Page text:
A hankering for a Hot Pocket may have saved his life.
When a twin-engine charter jet slammed into an Akron, Ohio, apartment complex on Tuesday, Jason Bartley's building took the brunt of the devastation.
As investigators continued Thursday to determine the cause of the fiery crash and identify the remains of the nine people killed on board, Bartley was left to count his blessings.
"Really, I guess it was dumb luck," Bartley told NBC News on Thursday.
The 38-year-old factory worker is usually home just before 3 p.m., when the accident occurred. He doesn't start his shift until an hour later, he said.
But just before 2:15 p.m., after spending time on his computer trying to book a holiday vacation, he realized he had time to run errands and go to the bank. After that, he said, he didn't go home right away. He headed for the Dollar General to buy a pizza Hot Pocket for dinner, and another Hot Pocket for breakfast.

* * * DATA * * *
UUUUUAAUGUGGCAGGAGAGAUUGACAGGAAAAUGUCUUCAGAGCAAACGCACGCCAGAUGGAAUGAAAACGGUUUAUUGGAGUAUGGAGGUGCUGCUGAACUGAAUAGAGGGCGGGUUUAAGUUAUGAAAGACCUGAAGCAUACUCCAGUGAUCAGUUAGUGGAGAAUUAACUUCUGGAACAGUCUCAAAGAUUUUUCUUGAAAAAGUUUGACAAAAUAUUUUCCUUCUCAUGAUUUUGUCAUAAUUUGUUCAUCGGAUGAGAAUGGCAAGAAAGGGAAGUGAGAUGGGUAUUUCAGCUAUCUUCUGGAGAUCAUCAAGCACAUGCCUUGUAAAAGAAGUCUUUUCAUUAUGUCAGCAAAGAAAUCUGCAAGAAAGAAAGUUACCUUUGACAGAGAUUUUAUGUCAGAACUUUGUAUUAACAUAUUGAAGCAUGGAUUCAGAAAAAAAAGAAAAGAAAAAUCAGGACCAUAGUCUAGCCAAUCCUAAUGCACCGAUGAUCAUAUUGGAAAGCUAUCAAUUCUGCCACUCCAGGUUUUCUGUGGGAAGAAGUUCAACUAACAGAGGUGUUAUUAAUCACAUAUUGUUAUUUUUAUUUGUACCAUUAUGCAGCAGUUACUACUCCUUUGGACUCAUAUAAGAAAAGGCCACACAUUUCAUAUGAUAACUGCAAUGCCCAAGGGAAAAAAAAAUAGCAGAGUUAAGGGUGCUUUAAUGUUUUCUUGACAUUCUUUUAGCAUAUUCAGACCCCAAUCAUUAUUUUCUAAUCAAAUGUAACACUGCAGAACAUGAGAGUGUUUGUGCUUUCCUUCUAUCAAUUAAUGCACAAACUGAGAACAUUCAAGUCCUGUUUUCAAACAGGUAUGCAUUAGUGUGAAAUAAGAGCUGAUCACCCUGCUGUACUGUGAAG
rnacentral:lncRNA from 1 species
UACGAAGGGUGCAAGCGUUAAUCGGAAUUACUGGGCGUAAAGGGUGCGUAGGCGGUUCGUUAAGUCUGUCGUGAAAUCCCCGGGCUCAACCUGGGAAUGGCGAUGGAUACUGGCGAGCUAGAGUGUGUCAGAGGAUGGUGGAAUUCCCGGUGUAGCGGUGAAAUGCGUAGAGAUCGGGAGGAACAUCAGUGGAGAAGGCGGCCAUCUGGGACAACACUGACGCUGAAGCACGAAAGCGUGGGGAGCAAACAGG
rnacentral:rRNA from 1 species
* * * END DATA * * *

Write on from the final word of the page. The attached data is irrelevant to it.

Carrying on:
About six minutes after the plane crashed, Bartley drove up to his normally quiet, residential neighborhood. Thick smoke and orange flames filled the sky. His initial thought: "I left something on and my apartment caught fire."
Authorities told reporters Wednesday that no one was home at the four-unit building at the time.
"My apartment was the one that took the direct force hit," Bartley said.
He added that his next-door neighbor is also usually home during the day, but she happened to be out because she took her dog to the pet store.
A friend set up a GoFundMe account to help Bartley, who said that while his landlord has insurance, he doesn't have renter's insurance. All his personal belongings are presumably lost.
"All I have is my car and the outfit I was wearing," he said.
In the meantime, he's relying on the kindness of family and friends to help house him. Twelve families have been displaced by the tragedy, officials said.
Bartley said that first day of the accident left him in a fog — and now he realizes he's lucky to be alive.
"It's pretty devastating," he said. "From the pictures I've seen, I don't think there's anything recognizable left."